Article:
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My Secret to Learning New Things as a Business Owner | Braid Creative

continued learning for business owners

Learning new things is hard. I’m not sure if it’s the lack of time that comes with adulting or a classic case of “mom brain,” but my attention span for formal education isn’t what it once was. As a creative professional and entrepreneur, I’m encountering a new challenge or decision that expands my capacity for growth every single day – I feel like I’ve practically earned a degree in business by building one! But there are times when I know I need to learn new skills or concepts in order to take my work and life to the next level in a more focused and concentrated way. So today I want to tell you my techniques and secrets for learning new things as someone who is short on both time and brain space.

techniques for learning new things

LEARNING WHILE WALKING

I recently invested $2,000 dollars in an online course that I wasn’t doing. Every time I sat down to my laptop to tackle my studies, I found myself instead checking email or tackling my to-do list. So I finally downloaded the audio files from the course to my phone and listened to the content while on a walk. Creative masterminds like Steve Jobs and Mark Zuckerberg are known for holding meetings and brainstorming sessions while walking. Just try it for yourself! Take a walk while you’re listening to an audio book, a podcast, or even an online course. In fact, when I realized this was the easiest way to learn something new, I recorded audio files for my own branding ecourse students! Pro-tip: be sure to open a text file on your smartphone for jotting notes as you go!

IMPLEMENT AS YOU GO

My next biggest trick to learning as I go, is to actually implement what I’m learning as I go. For example, I recently wanted to know more about Facebook ads. I read through the thorough coursework (by Claire Pelletreau for anyone who’s wanting to learn more!), but hit a standstill when the content became technical. I realized that I would learn better by implementing a campaign in real time as I worked through the course. Another example is when I took an in-depth course in copywriting. Instead of just reading through the concepts, I practiced what I was learning by actually writing a newsletter and sales page as I went.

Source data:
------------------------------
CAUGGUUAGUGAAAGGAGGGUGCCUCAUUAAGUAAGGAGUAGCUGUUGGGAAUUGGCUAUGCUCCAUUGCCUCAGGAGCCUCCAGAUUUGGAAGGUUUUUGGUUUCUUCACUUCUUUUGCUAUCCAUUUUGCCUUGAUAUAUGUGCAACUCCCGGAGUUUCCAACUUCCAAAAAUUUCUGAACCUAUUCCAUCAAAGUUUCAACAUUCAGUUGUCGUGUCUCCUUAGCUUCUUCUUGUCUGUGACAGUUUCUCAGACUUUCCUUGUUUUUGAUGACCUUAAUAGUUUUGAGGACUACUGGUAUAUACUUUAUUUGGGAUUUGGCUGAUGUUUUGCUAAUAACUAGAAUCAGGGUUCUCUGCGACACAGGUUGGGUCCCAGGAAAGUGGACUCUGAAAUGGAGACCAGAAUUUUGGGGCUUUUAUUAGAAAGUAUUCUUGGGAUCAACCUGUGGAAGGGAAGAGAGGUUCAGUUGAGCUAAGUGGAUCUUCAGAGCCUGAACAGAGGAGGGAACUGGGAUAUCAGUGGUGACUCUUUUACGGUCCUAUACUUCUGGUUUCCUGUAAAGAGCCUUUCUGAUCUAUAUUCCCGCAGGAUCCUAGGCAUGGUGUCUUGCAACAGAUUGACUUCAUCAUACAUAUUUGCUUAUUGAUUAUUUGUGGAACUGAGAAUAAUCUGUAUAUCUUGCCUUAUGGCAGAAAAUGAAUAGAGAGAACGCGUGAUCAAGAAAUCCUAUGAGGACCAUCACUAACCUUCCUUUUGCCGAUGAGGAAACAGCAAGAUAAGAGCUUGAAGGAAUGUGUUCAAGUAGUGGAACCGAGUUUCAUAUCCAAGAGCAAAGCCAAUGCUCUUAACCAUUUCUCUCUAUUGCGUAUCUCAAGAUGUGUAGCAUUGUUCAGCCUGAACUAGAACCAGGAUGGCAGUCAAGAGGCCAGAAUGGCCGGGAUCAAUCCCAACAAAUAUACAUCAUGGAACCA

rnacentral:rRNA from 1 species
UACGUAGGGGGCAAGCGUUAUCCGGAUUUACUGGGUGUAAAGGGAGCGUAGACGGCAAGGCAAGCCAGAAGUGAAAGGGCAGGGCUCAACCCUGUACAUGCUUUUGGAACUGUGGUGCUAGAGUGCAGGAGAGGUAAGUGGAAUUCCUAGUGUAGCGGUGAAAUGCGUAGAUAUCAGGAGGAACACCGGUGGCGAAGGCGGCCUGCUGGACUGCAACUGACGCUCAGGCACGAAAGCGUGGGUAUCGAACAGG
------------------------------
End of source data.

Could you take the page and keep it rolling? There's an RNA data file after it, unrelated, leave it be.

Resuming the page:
ACKNOWLEDGE WHAT YOU’RE LEARNING EVERYDAY

Maybe you’re reading articles like this as you’re tackling your inbox. Maybe you’re listening to podcasts or watching informational YouTube videos in between meetings. Or maybe you’ve got a business book on your nightstand table. You don’t necessarily need to go back to school to get a masters degree to learn new things (more power to you if you have it in you to do that!). You’re probably learning more than you’re giving yourself credit for. So my final technique for learning new things is simply to acknowledge what I’m learning everyday by sharing new ideas with my business partners or creative peers or even just writing down “three things I’ve learned this week” in my trusty notebook. Pro-tip: creating content and teaching others what you’re learning can be a great way to solidify new concepts and skills.

Learn through teaching for creative entrepreneurs

DOWNLOAD: 7 WAYS TO BRAND YOU & WHAT YOU DO

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Do You Need a Rebrand or Just a Refresh? | Braid Creative & Consulting

You might be surprised to hear that, as a branding agency, we tell a lot of creative entrepreneurs and purposeful businesses that they do not in fact need a total rebrand, but maybe just a refresh. This might be you if you see your brand as boring, dated, or even a barrier to attracting your dream customers. But oftentimes what we see is potential for a refresh without throwing the proverbial baby out with the bathwater. We’re always going to err on the side of a refresh – incorporating what works and evolving what could be working better.

You might feel like you need a new brand if:

  1. You're embarrassed to send anyone to your website.
  2. You can't describe what you offer and why it matters in less than three sentences.
  3. You feel like most of your competition is moving on without you.

But you might be able to get by with a refresh. If you’re not a creative director or a copywriter, it might feel like you’re light years away from having a brand that articulates your true vision, but you may be closer than you think. Here are a few tactics you can try that will take you further than you think:

Refresh your dated logo

A few years ago, the logo trend was to try and replicate the classic Nike mark with an abstract swoosh – but unless you’re Nike, this is a trend that is potentially making your logo look vague, dated, stuffy, or just “not you.” Try this: ask yourself, “What was the intention of that mark in the first place? Was it to look like Nike? What story was I trying to tell?” Retell that story to yourself (or a designer) and see what you’d come up with today. While you’re at it, you can simplify and update your typography and color palette to something more modern.

Feeling resistant? Even if you aren’t in love with your logo, it can be hard to embrace change. Think of the refresh more so as an evolution than as a total rebrand. It’s like cutting bangs or shaving your beard—you might think nobody will ever recognize you ever again, but the truth is the majority of people will only notice whether you’re confident in the change or not.

Refresh your tagline

You know when you’re remodeling your home and procrastinate on putting the baseboards back on until one day you don’t even notice and go years without baseboards? Just me? Anyway, this can happen to your brand too. So go to your website right now and read your tagline out loud. Is it clear what you do? Is it too corporate or cold? Could it be more genuine and specific?

Read more: How to write your tagline >>

Refresh your imagery

If you've been relying on cheesy stock images that have nothing to do with you or your dream client, then this is a barrier that can become an opportunity for a brand refresh:

  • Try more candid, atmospheric imagery, natural light, people not looking right at the camera